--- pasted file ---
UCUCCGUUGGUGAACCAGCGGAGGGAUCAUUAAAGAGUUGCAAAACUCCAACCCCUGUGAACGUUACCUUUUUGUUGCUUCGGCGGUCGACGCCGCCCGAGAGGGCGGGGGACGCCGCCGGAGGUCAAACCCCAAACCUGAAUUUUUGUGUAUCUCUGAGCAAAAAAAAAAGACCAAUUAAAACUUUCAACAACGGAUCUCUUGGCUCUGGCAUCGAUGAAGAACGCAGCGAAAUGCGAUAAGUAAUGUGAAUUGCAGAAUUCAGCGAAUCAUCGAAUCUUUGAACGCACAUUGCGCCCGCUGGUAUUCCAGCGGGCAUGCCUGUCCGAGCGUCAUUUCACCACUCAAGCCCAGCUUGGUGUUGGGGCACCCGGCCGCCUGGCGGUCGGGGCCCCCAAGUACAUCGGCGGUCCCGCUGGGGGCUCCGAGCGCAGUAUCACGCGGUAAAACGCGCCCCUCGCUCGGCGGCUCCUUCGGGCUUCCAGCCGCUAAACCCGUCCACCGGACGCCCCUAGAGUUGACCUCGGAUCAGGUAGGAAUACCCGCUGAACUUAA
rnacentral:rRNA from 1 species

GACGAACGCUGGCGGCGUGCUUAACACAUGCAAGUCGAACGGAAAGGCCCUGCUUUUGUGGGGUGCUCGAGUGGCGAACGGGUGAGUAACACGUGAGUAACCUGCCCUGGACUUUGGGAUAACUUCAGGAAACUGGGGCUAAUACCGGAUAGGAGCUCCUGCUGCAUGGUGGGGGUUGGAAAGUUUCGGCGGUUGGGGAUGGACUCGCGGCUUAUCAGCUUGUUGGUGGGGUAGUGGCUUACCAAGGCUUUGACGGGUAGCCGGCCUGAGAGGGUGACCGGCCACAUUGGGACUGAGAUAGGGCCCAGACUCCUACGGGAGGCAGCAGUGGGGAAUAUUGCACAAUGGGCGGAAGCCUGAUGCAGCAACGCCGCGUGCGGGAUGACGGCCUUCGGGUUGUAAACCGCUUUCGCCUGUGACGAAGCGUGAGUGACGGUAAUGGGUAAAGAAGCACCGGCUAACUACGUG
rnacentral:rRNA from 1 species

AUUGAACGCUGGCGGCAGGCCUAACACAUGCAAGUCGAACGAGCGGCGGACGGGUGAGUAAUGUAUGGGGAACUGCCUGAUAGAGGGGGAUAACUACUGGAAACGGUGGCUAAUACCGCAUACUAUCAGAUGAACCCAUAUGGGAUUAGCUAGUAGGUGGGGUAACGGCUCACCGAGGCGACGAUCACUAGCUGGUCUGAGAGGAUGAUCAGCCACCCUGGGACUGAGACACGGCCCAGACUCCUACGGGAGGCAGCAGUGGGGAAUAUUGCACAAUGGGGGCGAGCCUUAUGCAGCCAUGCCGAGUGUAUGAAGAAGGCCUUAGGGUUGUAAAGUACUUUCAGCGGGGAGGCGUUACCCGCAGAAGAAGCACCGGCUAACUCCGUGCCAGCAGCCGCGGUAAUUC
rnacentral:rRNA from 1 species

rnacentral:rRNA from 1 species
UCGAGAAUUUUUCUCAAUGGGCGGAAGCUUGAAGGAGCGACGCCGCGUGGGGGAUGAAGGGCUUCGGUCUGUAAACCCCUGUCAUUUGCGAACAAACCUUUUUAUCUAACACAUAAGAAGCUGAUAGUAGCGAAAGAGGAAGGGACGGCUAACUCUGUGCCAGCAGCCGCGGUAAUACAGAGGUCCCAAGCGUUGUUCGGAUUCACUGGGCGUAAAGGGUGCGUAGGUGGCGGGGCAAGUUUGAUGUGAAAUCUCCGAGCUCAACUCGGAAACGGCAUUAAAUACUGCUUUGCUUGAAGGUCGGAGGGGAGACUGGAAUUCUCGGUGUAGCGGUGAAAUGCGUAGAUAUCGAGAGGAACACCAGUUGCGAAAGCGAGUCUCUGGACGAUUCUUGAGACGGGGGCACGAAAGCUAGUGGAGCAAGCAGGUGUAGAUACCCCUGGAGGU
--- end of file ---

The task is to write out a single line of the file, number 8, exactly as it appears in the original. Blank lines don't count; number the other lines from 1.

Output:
UCGAGAAUUUUUCUCAAUGGGCGGAAGCUUGAAGGAGCGACGCCGCGUGGGGGAUGAAGGGCUUCGGUCUGUAAACCCCUGUCAUUUGCGAACAAACCUUUUUAUCUAACACAUAAGAAGCUGAUAGUAGCGAAAGAGGAAGGGACGGCUAACUCUGUGCCAGCAGCCGCGGUAAUACAGAGGUCCCAAGCGUUGUUCGGAUUCACUGGGCGUAAAGGGUGCGUAGGUGGCGGGGCAAGUUUGAUGUGAAAUCUCCGAGCUCAACUCGGAAACGGCAUUAAAUACUGCUUUGCUUGAAGGUCGGAGGGGAGACUGGAAUUCUCGGUGUAGCGGUGAAAUGCGUAGAUAUCGAGAGGAACACCAGUUGCGAAAGCGAGUCUCUGGACGAUUCUUGAGACGGGGGCACGAAAGCUAGUGGAGCAAGCAGGUGUAGAUACCCCUGGAGGU